5. Fill the tart cases with the onion and grated gruyere and fill with the egg mixture. Scatter over a pinch of cayenne pepper.
  6. Bake for about 15-20 minutes until set. Remove from the oven and leave to cool slightly before tucking in.

I made a tomato salsa to top mine by finely chopping a mixture of coloured cherry tomatoes, some bruised thyme leaves, salt and pepper and a good glug of extra virgin olive oil. Leave to infuse and serve at room temperature atop your tarts with a green salad.

Carrot Cake Ice Cream



What could be better than combining the forces of a good cake and its  slutty partner in crime ice cream? This recipe is adapted from the Babel Restaurant in South Africa, Babylonstoren, whose ‘cookbook-come-brochure’, is to die for. As a spicy ice cream, they suggest serving it with chilli grilled pineapple slices, but hey, whats wrong with serving it with a slice of carrot cake….?

  • 500ml double cream
  • 180ml milk
  • 180ml caster sugar
  • 5 egg yolks
  • 1 vanilla pod
  • 125g carrot, boiled and grated
  • 5ml ground cinnamon
  • 2ml ground nutmeg and ginger
  • 125g walnuts/pecans toasted and roughly chopped
  1. Start with the custard base. Heat the milk in a saucepan with 90ml of the sugar and the seeds from the vanilla pod until just coming to the boil.
  2. Whisk the egg yolks in a bowl (a wide shallow bowl helps) with the remaining 90ml of sugar until combined.
  3. When the cream is hot, tip a third of it in a slow stream into the egg yolks whisking continuously and vigorously to prevent it scrambling. Make sure it is all combined then add the rest and whisk together for a few minutes.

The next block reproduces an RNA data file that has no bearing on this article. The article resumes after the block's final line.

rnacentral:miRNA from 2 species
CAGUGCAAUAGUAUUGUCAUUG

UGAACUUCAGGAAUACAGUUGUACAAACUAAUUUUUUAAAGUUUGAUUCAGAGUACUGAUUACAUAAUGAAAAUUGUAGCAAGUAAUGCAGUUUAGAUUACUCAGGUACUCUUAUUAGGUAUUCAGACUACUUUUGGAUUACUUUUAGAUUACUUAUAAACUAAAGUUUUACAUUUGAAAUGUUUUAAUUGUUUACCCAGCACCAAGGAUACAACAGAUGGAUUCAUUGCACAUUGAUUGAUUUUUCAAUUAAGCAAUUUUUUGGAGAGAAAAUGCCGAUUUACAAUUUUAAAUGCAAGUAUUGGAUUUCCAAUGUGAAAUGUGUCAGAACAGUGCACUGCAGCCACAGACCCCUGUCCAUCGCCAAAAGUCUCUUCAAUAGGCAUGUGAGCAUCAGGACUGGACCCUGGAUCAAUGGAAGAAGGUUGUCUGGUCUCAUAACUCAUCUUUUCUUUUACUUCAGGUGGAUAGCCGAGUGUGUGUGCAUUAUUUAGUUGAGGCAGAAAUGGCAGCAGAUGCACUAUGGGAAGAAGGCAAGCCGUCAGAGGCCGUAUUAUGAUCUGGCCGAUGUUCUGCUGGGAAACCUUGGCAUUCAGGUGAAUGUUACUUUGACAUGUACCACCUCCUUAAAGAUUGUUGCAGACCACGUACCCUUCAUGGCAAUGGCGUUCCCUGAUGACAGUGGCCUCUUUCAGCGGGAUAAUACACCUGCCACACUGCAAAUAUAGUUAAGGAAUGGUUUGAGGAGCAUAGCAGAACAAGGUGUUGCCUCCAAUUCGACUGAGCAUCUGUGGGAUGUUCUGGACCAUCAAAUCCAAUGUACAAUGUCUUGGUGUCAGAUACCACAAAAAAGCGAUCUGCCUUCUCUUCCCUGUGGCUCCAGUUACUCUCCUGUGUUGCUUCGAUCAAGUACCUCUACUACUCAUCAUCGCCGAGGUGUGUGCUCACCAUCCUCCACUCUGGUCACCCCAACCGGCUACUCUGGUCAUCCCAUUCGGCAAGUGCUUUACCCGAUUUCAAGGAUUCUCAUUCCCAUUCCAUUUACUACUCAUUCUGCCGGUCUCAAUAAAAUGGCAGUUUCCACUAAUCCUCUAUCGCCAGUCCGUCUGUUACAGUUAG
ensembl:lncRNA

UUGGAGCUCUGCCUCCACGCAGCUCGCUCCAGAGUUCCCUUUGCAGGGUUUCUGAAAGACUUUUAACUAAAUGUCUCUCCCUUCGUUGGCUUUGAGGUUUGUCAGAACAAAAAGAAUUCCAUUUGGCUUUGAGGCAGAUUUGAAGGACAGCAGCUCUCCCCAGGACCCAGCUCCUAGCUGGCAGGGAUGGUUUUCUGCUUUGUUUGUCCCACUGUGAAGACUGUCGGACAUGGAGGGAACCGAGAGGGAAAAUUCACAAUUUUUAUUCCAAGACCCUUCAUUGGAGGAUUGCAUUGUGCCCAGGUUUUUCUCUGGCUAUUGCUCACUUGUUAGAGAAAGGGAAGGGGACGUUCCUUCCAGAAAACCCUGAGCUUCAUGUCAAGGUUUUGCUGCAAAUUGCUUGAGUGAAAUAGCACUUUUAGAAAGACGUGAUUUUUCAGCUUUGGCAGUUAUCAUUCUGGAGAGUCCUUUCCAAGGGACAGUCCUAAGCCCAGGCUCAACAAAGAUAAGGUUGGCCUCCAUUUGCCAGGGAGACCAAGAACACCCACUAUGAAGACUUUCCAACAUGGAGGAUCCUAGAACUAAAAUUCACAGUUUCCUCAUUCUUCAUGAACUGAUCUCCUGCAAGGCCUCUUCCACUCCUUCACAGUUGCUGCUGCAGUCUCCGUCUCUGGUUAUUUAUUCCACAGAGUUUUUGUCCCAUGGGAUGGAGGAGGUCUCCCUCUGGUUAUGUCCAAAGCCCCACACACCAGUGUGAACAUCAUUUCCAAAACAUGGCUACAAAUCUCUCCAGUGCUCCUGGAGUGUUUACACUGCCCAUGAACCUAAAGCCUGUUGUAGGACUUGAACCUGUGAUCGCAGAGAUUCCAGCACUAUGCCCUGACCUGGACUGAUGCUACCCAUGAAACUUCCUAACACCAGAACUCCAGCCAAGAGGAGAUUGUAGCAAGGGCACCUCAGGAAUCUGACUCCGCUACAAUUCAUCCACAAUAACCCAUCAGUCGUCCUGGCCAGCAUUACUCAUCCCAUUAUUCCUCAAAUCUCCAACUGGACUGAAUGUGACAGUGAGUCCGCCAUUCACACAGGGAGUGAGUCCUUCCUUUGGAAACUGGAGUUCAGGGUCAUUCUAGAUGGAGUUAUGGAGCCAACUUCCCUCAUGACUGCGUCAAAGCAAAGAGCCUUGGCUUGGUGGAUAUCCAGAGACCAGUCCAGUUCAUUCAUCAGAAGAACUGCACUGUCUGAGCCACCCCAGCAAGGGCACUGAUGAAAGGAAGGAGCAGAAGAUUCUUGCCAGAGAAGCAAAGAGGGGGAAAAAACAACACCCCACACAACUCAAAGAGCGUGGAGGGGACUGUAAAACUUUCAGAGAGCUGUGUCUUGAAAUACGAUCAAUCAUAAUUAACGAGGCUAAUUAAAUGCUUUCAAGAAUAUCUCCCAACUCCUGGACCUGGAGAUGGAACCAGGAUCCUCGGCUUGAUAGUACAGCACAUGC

4. Tip the mixture back into the saucepan and place over a low heat stirring with a wooden spoon continually until the mixture begins to thicken and it coats the back of the spoon and leaves a mark when you run your finger through it. keep the heat low and keep stirring to prevent getting scrambled eggs….
  5. Strain through a sieve into another wide shallow bowl. Whisk in the ground spices.
  6. Peel about 2-3 carrots (depending on their size) and boil whole in water for about 5 minutes, until soft. Cool under cold water and then grate into the custard base and mix to distribute. Leave to cool and then place in the fridge.
  7. Meanwhile, toast the nut in a dry frying pan for a few minutes or in a hot oven for 5 minutes and leave to cool.
  8. When the custard is cool, churn in an ice cream maker for about 15-20 minutes until thick and beginning to freeze. Once it begins to thicken during churning, tip in the toasted nuts. Place in a container and freeze.